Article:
Quality will be key to Milwaukee becoming water technology hub

    Once upon a time, I was called in to a local company to discuss their quality problem. They had been selling water treatment devices into Japan for more than three years, with no complaints.

    They were very proud of these sales; not every American firm had the product quality and performance to sell in Japan. Now, however, their agent in Japan reported that the major purchaser had done a complete tear-down inspection on 15 units, out of a shipment of 600, and found that four of the 15 were missing a stop valve ball.

    What did the company plan to do to correct the problem on this shipment and any future shipments?

    I was told that the missing part was only needed once a year when the device was flushed. Why had the customer inspected new units? The customer had not given any complaints for the last three years; why were they concerned now?

    It developed that the missing part had been changed to a darker color, so the assembly operators no longer noticed when it was missing. The marketing people would not budge on the new color, so one question would be how to assure that the operators assembled the units correctly.

    I knew that an inspection of 15 units out of 600 qualifies as a “falling out of bed” test.

    The sample size and method is only large enough to determine flaws that are obvious; it can detect if you fell out of bed or not. If a customer is using this method of inspection after three years, it suggests that they still don’t trust the supplier very well. Clearly, that mistrust was warranted in this case. The supplier did not assemble their own product correctly over one-fourth of the time, and didn’t know it until a customer told them.

    As if to confirm my fears about the company’s attitude toward its product reliability, a side discussion revealed that American distributors always scheduled a call back for each installation of this firm’s water treatment devices, while European competitors’ units did not get, or need, that care. This fact was dismissed; it was not considered a contributing factor to a long term sales decline.

    A CEO friend calls this whole situation a “self-correcting problem.” In due course, customers will find other suppliers with more reliable, functioning products. The real question is, how far can a firm ignore the warning signs before it is sold to a far away place, or simply withers away? Any way it goes, it will take down jobs and business activity with it, not to mention the collective creative spark that generates new patents and innovative products, which this company had a lot of in the years before I met them.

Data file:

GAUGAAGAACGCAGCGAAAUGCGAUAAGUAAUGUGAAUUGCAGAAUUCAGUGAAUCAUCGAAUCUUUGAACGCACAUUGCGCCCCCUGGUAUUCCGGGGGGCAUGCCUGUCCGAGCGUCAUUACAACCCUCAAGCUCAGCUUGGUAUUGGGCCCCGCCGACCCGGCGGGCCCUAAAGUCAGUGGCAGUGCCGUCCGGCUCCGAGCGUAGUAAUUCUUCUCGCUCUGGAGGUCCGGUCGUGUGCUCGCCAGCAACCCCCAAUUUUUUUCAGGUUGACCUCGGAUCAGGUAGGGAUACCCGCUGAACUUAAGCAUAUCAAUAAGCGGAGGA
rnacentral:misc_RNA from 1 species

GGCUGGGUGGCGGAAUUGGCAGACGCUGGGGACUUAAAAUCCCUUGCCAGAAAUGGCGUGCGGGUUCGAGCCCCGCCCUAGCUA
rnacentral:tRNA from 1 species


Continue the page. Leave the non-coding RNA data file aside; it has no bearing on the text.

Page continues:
Today we hear about the possibility that Milwaukee could become a center for “water technology,” meaning the treatment, handling, and distribution of clean water, plus the cleanup of “used” and contaminated water.

    My experience with this company that was in the midst of this industry tells me that in addition to developing superior ways to treat and handle water, those firms need to learn or remember certain business basics. Namely, how to reliably manufacture their own designs, how to assure themselves that the finished product does what they claim and how to respond, reactively and proactively, to clear examples of performance failings.

    Of course, you say. Everyone must do that. As for the company I mentioned earlier?

    It’s been sold twice since then. The brand name still exists, but the company’s web site doesn’t mention any new patents, despite their historical track record. And I wonder if they still tell themselves that distributor call-back frequencies are unimportant details.

    Jay Warner is the principal scientist at Warner Consulting Inc. in Racine.

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